Today’s blog on health and fitness focuses on vitamin D, which is essential for healthy bones and therefore an important vitamin when it comes to personal training.
THE BENEFITS OF VITAMIN D
Along with vitamins A, E and K, vitamin D is classed as a fat-soluble vitamin. Vitamin D in particular is associated with calcium; without vitamin D the body is unable to absorb calcium, which is essential for strong, healthy bones and teeth.
It is also a known antioxidant, believed to help prevent cancers and multiple sclerosis.
FOOD HIGH IN VITAMIN D
Vitamin D can be found in eggs, butter and liver. It can also be absorbed through the skin from natural sunlight.
STRENGTH GAIN THROUGH VITAMIN D
Personal trainers and fitness instructors often work with clients following weight-training programmes, who will benefit from consuming sufficient vitamin D in order to build stronger bones. However, there is also believed to be a correlation between vitamin D and muscle strength.
The journal of the American College of Sports Medicine (ACSM) ran an article in 2012 entitled: “Vitamin D Is Associated with Greater Muscle Strength in Healthy Men and Women” by A Grimaldi, B Parker et al.
The article looked at a study carried out with 419 healthy men and women aged from 20 to 76 years old.
Exercise performance and muscle strength was tested for each of the subjects, who were split into a control group and groups who received differing amounts of a vitamin D serum.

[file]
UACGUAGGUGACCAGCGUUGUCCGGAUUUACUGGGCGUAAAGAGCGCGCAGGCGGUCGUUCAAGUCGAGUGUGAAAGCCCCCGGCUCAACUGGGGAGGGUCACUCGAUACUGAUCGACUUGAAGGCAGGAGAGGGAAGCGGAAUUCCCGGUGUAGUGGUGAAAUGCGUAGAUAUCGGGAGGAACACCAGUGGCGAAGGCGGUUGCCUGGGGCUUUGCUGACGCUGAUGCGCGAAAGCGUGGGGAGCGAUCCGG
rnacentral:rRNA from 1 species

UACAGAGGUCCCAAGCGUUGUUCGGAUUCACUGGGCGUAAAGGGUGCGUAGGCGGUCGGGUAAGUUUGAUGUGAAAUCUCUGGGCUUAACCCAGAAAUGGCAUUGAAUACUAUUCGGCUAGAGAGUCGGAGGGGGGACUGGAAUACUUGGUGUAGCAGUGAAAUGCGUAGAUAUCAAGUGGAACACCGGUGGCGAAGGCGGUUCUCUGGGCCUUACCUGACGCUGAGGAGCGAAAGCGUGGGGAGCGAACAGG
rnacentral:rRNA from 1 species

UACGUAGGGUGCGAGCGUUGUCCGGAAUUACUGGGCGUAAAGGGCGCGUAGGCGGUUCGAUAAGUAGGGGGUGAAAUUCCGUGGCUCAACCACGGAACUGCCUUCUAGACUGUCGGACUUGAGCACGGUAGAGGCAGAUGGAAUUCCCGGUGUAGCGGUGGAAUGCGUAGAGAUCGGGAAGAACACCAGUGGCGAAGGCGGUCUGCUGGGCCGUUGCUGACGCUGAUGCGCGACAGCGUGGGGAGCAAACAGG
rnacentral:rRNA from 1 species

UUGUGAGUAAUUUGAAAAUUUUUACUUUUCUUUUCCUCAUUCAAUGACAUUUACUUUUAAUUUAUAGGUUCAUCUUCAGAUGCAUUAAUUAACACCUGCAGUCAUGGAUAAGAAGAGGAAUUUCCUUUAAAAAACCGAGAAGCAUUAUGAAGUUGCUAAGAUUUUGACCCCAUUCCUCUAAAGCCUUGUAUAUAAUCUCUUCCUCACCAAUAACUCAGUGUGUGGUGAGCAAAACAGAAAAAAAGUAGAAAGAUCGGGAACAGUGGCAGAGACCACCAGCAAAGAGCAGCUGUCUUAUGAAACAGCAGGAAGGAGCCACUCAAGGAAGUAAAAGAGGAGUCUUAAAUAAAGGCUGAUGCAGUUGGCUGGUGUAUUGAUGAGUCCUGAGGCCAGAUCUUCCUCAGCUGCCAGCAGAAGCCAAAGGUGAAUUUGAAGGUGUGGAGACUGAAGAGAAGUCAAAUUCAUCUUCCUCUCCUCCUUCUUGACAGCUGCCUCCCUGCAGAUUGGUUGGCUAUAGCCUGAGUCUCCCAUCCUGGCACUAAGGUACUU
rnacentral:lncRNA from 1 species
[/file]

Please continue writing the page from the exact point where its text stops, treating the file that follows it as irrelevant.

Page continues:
THE STUDY SUPPORTED A DIRECT RELATION BETWEEN VITAMIN D AND MUSCLE STRENGTH:
“Vitamin D was significantly associated with arm and leg muscle strength when controlling for age and gender. When controlling for other covariates… vitamin D remained directly related to both isometric and isokinetic arm strength but only to isometric leg strength.”
The study suggested that vitamin D was beneficial for increasing muscle strength in six out of seven arm strength measurements. The results for leg strength were more complex, with a positive association with vitamin D for four of six leg strength exercises when only taking the variables of age and gender into account, but a less significant result when other variations were taken into consideration.
Although the study saw benefits from vitamin D intake on muscle strength, it concluded that “there may be a differential effect of vitamin D on upper and lower body strength”, and acknowledged that further research is needed on the subject.
WHAT ADVICE SHOULD A PERSONAL TRAINER GIVE ABOUT VITAMIN D?
A personal trainer working with clients looking to increase their vitamin D intake can recommend that they consume more eggs, butter and liver, as well as spending time in the sun, without overdoing it and while wearing the appropriate sun factor cream.
In addition, excessive alcohol intake should be avoided as this can affect the body’s ability to absorb vitamin D.
Being fat soluble, vitamin D ends up in the fat stores of our internal organs, and there is therefore a risk of overdosing on this vitamin on a long-term basis. A personal trainer may want to pass this advice on to any clients who take vitamin D supplements.